NewsNational News


Anger, pain, suicide: Conversion therapy's lasting impact, as told by a survivor

Posted at 6:21 PM, Nov 12, 2018

About 700,000 adults have undergone some form of a controversial method to change a person's homosexuality and suppress their feelings toward the same sex.

"Conversion therapy" is banned in 14 states, primarily on the west and east coasts. While the practice is highly criticized, it is still supported in Tennessee.

People like Brian Sullivan consider themselves survivors after experiencing conversion therapy. Efforts to change someone's sexual orientation are associated with poor mental health, including suicide, according to a report by the Williams Institute at University of California, Los Angeles. 

Conversion therapy is receiving more attention thanks to the newly released film featuring Nicole Kidman, "Boy Erased." It follows a college student as he undergoes conversion therapy at the same program Sullivan was a part of. 

Sullivan told his family he was gay when he was 19-years-old. However, that never stopped him in his journey to pursue his faith in God. 

"I wanted to please God," Sullivan said. "I sort of fell in love with this idea of God being the only entity that loved me unconditionally."

As a student at Crichton College in Memphis, Tennessee, now known as Victory University, Sullivan came across a program affiliated with Love In Action, a Memphis-based, ex-gay ministry aimed to convert homosexuals. 

"I voluntarily sought out a 'therapist' that was affiliated with them. I began to go therapy to convert or to change these feelings I had for men, and learn how to manage them and live life as a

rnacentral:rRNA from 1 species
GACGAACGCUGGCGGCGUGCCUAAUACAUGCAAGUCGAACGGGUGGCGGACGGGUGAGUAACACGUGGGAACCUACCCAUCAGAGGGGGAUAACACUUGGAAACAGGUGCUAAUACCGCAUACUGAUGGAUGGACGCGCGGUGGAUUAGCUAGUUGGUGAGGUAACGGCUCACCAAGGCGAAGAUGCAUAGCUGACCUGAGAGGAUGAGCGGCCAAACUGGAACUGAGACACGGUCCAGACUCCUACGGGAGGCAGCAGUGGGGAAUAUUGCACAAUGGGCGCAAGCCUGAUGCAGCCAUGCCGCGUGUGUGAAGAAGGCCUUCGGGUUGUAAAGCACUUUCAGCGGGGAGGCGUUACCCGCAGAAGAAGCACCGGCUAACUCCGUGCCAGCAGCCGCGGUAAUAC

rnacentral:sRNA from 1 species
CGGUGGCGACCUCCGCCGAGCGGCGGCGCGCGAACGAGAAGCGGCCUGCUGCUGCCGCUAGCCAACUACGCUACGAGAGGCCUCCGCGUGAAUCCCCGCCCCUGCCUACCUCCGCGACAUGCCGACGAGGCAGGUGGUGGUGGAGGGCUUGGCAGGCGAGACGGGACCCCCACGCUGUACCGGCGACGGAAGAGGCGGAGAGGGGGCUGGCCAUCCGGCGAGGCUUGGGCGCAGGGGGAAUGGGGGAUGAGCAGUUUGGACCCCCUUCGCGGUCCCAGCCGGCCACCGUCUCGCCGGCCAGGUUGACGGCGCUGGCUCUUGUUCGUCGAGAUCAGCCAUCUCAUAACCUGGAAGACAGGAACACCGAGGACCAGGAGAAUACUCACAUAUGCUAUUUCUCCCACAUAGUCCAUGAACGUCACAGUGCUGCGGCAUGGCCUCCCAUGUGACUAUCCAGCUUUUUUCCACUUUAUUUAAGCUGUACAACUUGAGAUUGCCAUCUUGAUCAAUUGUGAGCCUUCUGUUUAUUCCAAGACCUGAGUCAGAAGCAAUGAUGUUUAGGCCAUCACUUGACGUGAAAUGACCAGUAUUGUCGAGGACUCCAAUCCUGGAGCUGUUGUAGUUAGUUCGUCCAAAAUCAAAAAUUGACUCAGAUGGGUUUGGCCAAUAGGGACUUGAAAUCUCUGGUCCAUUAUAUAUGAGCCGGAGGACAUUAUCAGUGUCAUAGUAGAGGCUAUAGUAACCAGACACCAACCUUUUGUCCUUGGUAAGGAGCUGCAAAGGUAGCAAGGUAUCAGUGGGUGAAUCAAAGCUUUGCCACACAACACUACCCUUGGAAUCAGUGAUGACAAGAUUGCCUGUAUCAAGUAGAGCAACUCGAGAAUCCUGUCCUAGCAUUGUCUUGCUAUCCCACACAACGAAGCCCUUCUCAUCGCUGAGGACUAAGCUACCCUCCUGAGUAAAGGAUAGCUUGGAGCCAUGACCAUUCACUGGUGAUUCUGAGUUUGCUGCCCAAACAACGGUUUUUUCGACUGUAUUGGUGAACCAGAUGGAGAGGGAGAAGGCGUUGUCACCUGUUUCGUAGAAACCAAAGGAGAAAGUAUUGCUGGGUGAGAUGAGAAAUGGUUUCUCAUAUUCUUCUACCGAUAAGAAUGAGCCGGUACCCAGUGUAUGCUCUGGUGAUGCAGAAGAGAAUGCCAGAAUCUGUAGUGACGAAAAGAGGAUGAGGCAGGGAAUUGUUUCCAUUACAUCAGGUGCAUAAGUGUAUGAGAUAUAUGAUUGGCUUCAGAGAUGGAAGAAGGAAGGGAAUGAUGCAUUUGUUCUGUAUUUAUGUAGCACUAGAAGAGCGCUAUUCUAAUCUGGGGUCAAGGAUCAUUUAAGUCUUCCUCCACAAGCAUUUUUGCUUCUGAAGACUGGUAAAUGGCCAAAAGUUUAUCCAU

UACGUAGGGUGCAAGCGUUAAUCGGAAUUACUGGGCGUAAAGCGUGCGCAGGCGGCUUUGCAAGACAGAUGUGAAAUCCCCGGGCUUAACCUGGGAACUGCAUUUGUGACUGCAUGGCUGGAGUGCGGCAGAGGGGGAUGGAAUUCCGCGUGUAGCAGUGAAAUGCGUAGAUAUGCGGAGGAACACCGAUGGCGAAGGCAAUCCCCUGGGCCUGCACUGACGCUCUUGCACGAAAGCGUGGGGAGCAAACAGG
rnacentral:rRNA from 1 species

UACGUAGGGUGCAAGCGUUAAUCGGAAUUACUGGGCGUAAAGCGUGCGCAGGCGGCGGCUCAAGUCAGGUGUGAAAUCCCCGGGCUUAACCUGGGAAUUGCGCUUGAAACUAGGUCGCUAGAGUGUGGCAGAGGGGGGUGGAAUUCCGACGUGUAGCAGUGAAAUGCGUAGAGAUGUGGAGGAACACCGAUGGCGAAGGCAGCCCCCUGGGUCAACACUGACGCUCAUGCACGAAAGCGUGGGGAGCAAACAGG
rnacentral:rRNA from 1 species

straight man," Sullivan said. "I wanted to keep that close relationship that I felt I had with God."

For a few months, he had one-on-one sessions in what can be described like an outpatient therapy. He had to keep a journal to keep track of his sexual desires and speak about them. 

Like many others, his sessions included that being gay was something you develop and is caused by issues within the family.

"You were taught you cannot be born gay and that there's something that had to cause it. They believe it was all environment. Since my father wasn't really in the picture, I was taught that maybe I was seeking out the love of other men," Sullivan said.

While Sullivan believed everyone involved had the right intentions to help people of the church, he said the approach of treating sin as a sickness left damaging effects.

"Being gay is something you cannot change, and trying to change it doesn't work. You're frustrated and you're angry and because you love Jesus and you want to be pleasing to God, the only place to direct
that rage and anger and hurt is inward," Sullivan added. 

Eventually Sullivan left the program when he met the woman he would be married to for eight years. However, he was still attracted to men which was openly discussed in their relationship. However, struggles with his identity on top of life issues motivated him to try to kill himself.

"If you don't heal from your wounds and the damage, then you will bleed on people who didn't cut you
and you will bleed on a God who didn't stab you, these are people who did this," Sullivan said.

Several child and family psychology groups including the American Academy of Child and Adolescent Psychiatry warn against the use of conversion therapy, according to the Human Rights Campaign.

"You have no real rubric for something to be dealt with," Covenant of the Cross Church Senior Pastor Greg Bullard told WTVF. "You're basically taking shots at somebody with a goal but you have no method of getting to that goal."

At 41-years-old, Sullivan has now been attending Bullard's church and "feels closer to God than ever before." Bullard's congregation is open to anyone regardless of their sexual orientation. 

Bullard said he's had some people come through who survived conversion therapy.

"It creates this dichotomy in this person's mind and psyche that causes them to never be able to put life back together again," Bullard said. 

Sullivan admits he still faces challenges emotionally and spiritually because of his experience. He said he doesn't want to knock down the church, but hopes people's stories will help others realize how damaging conversion therapy can be.